What is expected at this year’s G20 meeting?

About 4,000 marched through Hamburg Sunday, protesting climate and trade policies of the world’s largest economies.

The demonstration, which also saw protesters take to the water with a flotilla of hundreds of small boats, was organized by environmental, labour, human rights and church groups.

WATCH: Anti-G20 protests begin in Hamburg

Authorities are putting in place tight security and declaring certain areas of Hamburg off limits to protesters during the July 7-8 summit. According to The Telegraph, about 20,000 officers will be on guard for potential terror attacks, or should protests turn violent.

Kulik says it is possible things will escalate further because Germany is easily accessible to protesters from around Europe.

“Because of Germany’s history, it’ll be very hard to stop people from assembling,” the researcher says, noting that the country likely won’t want to be seen as limiting freedom of speech or demonstration.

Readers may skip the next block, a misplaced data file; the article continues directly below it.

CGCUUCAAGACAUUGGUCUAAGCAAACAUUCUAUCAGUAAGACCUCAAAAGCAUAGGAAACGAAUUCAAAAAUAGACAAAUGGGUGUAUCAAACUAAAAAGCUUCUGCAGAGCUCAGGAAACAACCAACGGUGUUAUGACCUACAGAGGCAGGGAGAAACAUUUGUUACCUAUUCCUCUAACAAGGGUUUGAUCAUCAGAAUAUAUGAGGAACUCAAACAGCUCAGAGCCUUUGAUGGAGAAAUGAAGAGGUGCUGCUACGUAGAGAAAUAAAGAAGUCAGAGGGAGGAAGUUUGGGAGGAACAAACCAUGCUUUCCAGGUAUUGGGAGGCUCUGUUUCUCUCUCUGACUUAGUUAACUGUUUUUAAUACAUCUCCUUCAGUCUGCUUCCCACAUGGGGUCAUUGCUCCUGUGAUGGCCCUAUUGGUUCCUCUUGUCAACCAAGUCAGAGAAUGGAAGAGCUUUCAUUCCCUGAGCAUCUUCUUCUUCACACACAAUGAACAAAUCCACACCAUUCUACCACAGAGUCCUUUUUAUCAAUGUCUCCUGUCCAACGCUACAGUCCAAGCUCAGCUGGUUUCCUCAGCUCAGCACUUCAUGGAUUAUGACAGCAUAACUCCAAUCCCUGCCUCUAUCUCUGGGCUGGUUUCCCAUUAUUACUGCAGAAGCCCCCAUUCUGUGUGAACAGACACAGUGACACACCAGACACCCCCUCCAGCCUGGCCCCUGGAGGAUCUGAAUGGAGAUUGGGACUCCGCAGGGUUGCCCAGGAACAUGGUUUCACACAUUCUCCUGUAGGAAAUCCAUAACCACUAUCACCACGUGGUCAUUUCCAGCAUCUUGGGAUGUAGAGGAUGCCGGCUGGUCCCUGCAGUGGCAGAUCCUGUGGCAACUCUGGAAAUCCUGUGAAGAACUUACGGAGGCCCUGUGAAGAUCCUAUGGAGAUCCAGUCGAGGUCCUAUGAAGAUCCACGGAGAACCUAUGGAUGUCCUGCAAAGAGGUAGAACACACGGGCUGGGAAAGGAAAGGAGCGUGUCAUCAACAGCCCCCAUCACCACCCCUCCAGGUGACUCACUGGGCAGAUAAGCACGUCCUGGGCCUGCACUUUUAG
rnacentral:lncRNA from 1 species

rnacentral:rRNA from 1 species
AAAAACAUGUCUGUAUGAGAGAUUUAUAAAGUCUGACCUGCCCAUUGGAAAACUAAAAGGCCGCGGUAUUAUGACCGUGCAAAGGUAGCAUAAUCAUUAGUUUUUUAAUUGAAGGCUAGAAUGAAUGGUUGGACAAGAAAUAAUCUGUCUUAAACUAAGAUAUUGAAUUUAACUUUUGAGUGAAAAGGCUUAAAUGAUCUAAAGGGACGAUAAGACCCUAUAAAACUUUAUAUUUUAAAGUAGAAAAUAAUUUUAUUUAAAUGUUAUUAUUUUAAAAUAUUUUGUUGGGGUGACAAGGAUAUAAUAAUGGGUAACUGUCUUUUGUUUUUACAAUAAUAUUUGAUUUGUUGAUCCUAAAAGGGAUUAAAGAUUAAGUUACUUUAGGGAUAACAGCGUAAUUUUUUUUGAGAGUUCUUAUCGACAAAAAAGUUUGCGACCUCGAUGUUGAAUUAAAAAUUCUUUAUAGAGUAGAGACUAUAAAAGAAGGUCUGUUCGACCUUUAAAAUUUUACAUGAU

— With files from The Associated Press

© 2017 Global News, a division of Corus Entertainment Inc.http://globalnews.ca/news/3576435/g20-summit-why-people-protest/

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German police fire tear gas as rocks fly at anti-G20 protest — Seventy-six police officers injured

July 7, 2017

AFP

© Christof Stache, AFP | Riot Police use a water cannon during the “Welcome to Hell” rally against the G20 summit in Hamburg, northern Germany on July 6, 2017.

Video by Luke SHRAGO

Text by NEWS WIRES

Latest update : 2017-07-07

Demonstrations turned violent late Thursday ahead of a tricky first G20 summit for US President Donald Trump, as German police clashed with a hard core of masked anti-capitalist activists hurling bottles and stones.

What should have been a peaceful march by around 12,000 people in Hamburg protesting against globalisation was halted as police used water cannon and tear gas to disperse around 1,000 far-left militants.

Seventy-six police officers were injured, a spokesman for Hamburg’s police told AFP.